Answer: The nature of the contractual relationship (i.e. whether an individual is considered an independent contractor or an employee) would depend on the facts in each instance. An individual conducting a course in an educational institution may be characterised as an employee instead of a self-employed person, in particular if that individual is not responsible for providing the teaching materials for a particular course, and is bound by fixed working hours. That same individual providing services at a client’s office for a fixed number of hours a week may be characterised as an independent contractor instead of an employee, if that individual provides the necessary materials for the production of work, and is liable for any losses arising from the work produced for the client.
The entitlement to CPF flows from the nature of the contractual relationship, and mandatory contributions from an employer only arise from an employer-employee relationship.
A self-employed person is liable for income tax under the Income Tax Act (Cap. 134, 2014 Rev. Ed. Sing.) for the gains or profits from a trade, business, profession or vocation. Self-employed persons carrying on a trade or business may be allowed tax deductions from their income generated, reducing the total “taxable income” of that individual. These include expenses that are wholly and exclusively incurred in the production of income (unless prohibited under the Income Tax Act), including costs of staff and bad debts. Expenditure for the acquisition of assets for the purposes of one’s trade, profession or business, such as intellectual property rights, may be set off against income derived from the utilisation of such assets.
In Singapore, income tax is assessed on a preceding year basis for each year of assessment. For an individual, this means that income tax payable in 2018 would refer to that individual’s income earned in the calendar year 2017. If notified, taxpayers are required to file a tax return with the Inland Revenue Authority of Singapore (“IRAS”), and IRAS will subsequently issue a notice of assessment setting out the details of income tax payable and the terms of payment. The taxpayer must ensure that the information provided to IRAS is correct, or risk facing a fine or imprisonment.
What are the Key Employment Issues and Obligations?
The Employment Act – who is covered?
The Employment Act is Singapore’s main statute for employment or labour law. It applies to all employees of any nationality, except for seafarers, domestic workers, civil servants, and statutory board employees. The Employment Act also does not apply to any person employed in a managerial or an executive position with a monthly basic salary of at least S$4,500.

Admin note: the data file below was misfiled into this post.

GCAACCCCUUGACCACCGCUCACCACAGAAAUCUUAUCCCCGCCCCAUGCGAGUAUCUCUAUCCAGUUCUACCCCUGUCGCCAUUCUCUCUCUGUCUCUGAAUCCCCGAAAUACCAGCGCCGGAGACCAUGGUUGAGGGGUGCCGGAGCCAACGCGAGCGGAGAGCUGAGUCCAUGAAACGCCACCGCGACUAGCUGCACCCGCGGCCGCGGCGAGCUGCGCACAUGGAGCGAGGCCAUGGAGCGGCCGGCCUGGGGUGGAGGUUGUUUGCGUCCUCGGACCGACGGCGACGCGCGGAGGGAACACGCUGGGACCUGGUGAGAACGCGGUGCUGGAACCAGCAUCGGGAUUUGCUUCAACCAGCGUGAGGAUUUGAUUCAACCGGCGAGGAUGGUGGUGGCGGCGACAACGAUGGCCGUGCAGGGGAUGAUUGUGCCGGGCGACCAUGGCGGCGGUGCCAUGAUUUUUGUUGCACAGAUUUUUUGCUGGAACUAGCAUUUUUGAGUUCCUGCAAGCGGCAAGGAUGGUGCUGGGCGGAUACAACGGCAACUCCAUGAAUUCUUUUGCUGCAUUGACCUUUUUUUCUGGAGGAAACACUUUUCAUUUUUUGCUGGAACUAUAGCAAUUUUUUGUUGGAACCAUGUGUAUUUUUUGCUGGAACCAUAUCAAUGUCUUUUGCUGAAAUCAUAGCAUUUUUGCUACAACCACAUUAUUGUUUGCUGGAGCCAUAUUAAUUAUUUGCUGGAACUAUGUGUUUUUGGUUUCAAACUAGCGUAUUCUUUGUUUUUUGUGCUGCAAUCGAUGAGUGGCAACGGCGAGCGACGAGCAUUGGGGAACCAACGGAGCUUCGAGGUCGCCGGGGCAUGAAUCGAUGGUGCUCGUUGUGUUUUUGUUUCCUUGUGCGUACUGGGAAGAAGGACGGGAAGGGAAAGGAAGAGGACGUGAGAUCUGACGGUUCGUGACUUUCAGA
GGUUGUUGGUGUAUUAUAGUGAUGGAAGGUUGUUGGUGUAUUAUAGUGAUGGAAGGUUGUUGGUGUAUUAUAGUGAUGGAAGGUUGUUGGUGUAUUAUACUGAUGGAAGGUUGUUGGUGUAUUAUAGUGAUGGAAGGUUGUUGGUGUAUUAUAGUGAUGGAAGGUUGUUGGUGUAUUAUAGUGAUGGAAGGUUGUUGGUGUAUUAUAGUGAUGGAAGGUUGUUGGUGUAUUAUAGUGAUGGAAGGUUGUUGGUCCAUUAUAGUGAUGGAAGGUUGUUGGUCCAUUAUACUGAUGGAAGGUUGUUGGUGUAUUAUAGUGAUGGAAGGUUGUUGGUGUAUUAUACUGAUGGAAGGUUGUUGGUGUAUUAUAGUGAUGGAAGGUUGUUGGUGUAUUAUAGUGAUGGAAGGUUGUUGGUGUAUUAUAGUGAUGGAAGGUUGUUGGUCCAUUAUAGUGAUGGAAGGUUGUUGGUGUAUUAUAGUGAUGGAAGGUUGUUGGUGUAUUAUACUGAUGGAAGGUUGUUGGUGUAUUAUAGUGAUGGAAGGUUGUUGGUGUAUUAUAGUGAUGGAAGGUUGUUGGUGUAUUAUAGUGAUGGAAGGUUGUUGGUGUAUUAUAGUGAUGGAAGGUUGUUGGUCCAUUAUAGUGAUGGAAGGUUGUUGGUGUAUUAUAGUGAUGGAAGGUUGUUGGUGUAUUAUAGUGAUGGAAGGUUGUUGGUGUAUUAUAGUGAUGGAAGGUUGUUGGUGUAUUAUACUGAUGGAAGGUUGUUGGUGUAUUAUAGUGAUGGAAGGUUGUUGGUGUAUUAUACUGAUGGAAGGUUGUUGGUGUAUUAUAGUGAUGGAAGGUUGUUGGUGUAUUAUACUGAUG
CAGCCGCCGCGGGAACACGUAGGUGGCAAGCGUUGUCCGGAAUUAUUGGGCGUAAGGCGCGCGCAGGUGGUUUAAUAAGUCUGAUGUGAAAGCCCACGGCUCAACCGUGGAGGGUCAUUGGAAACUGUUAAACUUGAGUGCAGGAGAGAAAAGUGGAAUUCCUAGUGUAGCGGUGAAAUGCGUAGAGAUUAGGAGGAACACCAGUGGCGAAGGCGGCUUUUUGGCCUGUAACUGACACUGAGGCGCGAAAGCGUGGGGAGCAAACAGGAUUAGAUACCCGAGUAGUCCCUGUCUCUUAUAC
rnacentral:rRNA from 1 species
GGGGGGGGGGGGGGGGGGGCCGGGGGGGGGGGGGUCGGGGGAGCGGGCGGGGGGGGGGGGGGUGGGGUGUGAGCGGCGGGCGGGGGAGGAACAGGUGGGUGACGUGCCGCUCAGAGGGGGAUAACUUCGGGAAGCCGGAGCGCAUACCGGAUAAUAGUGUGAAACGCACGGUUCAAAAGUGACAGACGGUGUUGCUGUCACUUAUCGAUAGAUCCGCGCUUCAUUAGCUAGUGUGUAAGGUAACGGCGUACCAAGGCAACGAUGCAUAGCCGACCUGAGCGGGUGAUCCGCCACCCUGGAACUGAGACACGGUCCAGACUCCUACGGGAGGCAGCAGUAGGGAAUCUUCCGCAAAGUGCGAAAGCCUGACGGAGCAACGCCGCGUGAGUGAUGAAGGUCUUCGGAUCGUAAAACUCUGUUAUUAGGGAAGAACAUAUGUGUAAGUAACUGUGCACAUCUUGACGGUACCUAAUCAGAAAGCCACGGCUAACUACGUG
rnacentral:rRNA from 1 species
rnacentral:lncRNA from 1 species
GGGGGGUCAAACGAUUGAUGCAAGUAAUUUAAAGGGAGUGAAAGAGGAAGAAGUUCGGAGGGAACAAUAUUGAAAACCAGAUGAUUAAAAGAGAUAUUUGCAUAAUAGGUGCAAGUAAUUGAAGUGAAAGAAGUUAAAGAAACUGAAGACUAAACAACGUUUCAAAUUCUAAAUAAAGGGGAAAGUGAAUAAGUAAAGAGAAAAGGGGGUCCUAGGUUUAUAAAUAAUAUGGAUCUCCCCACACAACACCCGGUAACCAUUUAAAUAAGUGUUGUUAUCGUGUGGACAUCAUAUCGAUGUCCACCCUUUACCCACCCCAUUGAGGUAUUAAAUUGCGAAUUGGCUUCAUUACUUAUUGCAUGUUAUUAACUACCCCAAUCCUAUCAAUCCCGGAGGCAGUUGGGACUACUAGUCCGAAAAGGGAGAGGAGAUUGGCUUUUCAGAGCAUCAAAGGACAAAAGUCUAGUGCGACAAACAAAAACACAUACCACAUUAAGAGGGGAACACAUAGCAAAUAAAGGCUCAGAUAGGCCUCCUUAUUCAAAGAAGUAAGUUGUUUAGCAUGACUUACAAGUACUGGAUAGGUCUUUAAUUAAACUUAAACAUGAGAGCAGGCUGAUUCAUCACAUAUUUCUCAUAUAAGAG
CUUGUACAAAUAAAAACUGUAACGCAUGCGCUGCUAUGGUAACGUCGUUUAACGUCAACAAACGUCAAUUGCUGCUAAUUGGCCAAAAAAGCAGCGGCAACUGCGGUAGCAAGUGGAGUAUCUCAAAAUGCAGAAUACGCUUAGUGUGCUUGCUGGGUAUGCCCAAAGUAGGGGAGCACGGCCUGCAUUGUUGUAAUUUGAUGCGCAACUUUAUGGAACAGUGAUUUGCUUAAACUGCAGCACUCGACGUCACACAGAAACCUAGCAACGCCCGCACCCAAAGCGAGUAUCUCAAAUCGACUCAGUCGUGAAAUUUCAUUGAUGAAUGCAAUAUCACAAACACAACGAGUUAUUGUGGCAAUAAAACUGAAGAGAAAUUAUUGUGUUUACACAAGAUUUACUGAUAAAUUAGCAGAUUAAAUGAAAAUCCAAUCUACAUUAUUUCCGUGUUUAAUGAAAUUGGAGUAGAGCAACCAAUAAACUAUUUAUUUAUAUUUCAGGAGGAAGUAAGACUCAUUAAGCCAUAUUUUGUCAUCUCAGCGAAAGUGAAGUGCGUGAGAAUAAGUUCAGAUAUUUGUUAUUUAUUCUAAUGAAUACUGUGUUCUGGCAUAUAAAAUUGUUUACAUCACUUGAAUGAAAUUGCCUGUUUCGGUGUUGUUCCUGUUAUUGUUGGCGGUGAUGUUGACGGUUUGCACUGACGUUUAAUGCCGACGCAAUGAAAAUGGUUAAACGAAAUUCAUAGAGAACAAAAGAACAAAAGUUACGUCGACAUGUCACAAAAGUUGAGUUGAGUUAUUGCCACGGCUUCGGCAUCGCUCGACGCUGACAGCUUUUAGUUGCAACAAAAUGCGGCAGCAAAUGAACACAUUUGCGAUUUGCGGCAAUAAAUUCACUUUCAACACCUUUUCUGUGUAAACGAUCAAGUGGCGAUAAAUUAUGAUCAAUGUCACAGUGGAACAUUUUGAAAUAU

Employees in a managerial or executive position (“PMEs”) typically have supervisory or executive functions, where their duties and authority may include decisions on recruitment, discipline, termination of employment, assessment of performance and reward, the formulation of strategies and policies of the enterprise, and the management and running of the business. Professionals with tertiary education and specialised knowledge or skills whose employment terms are similar to those of managers and executives also fall within this category of employees. While PMEs are not covered under the Employment Act, those earning a basic monthly salary of up to S$4,500 are covered under the general provisions of the Employment Act, which include sick leave benefits and protection against unfair dismissal. PMEs are not covered under Part IV of the Employment Act (see below for an explanation of Part IV of the Employment Act).
The employment of part-time employees (i.e. employees required to work less than 35 hours a week) is regulated further by the Employment (Part-Time Employees) Regulations (Cap. 91, Section 66B, 1997 Rev. Ed. Sing.).
What are Some of Your Employer’s Obligations?
Part IV of the Employment Act (rest days, overtime, and annual leave)
Part IV of the Employment Act provides for rest days, hours of work, annual leave, retirement benefits, and other conditions of service. Workmen (i.e. employees whose work involves mainly manual labour) who earn up to S$4,500 a month, and employees other than workmen who earn up to S$2,500 a month, are covered by Part IV of the Employment Act, in addition to the general provisions of the Employment Act. The provisions applicable to the employment of such employees are set out in greater detail below.
One (1) day each week must be a rest day without pay. While this day is generally Sunday, the employer can determine otherwise from time to time. The rest day for an employee engaged in shift work may be a continuous period of 30 hours.
The rate of pay for work done on a rest day is set out in Table 1.
Table 1. Rate of pay for work done on a rest day
|If work is done||For up to half normal daily working hours||For more than half normal daily working hours||Beyond normal daily working hours|
|At the employer’s request||One day’s salary||Two days’ salary||Two days’ salary + overtime pay|
|At the employer’s request||Half day’s salary||One day’s salary||One day’s salary + overtime pay|
This rest day entitlement applies to part-time employees who work at least five (5) days in a week. However, the hourly basic pay only increases to one point five (1.5) times his hourly basic rate of pay to the extent that his working hours are longer than the normal work hours of a full time employee.
Maximum work time & overtime pay
Employees are not required to work for more than eight (8) hours in a day or for more than 44 hours in a week. In calculating working hours (which shall not exceed eight (8) hours), rest hours are excluded.
Employees may work for more than eight (8) hours a day or for more than 44 hours in a week in the following scenarios set out in Table 2.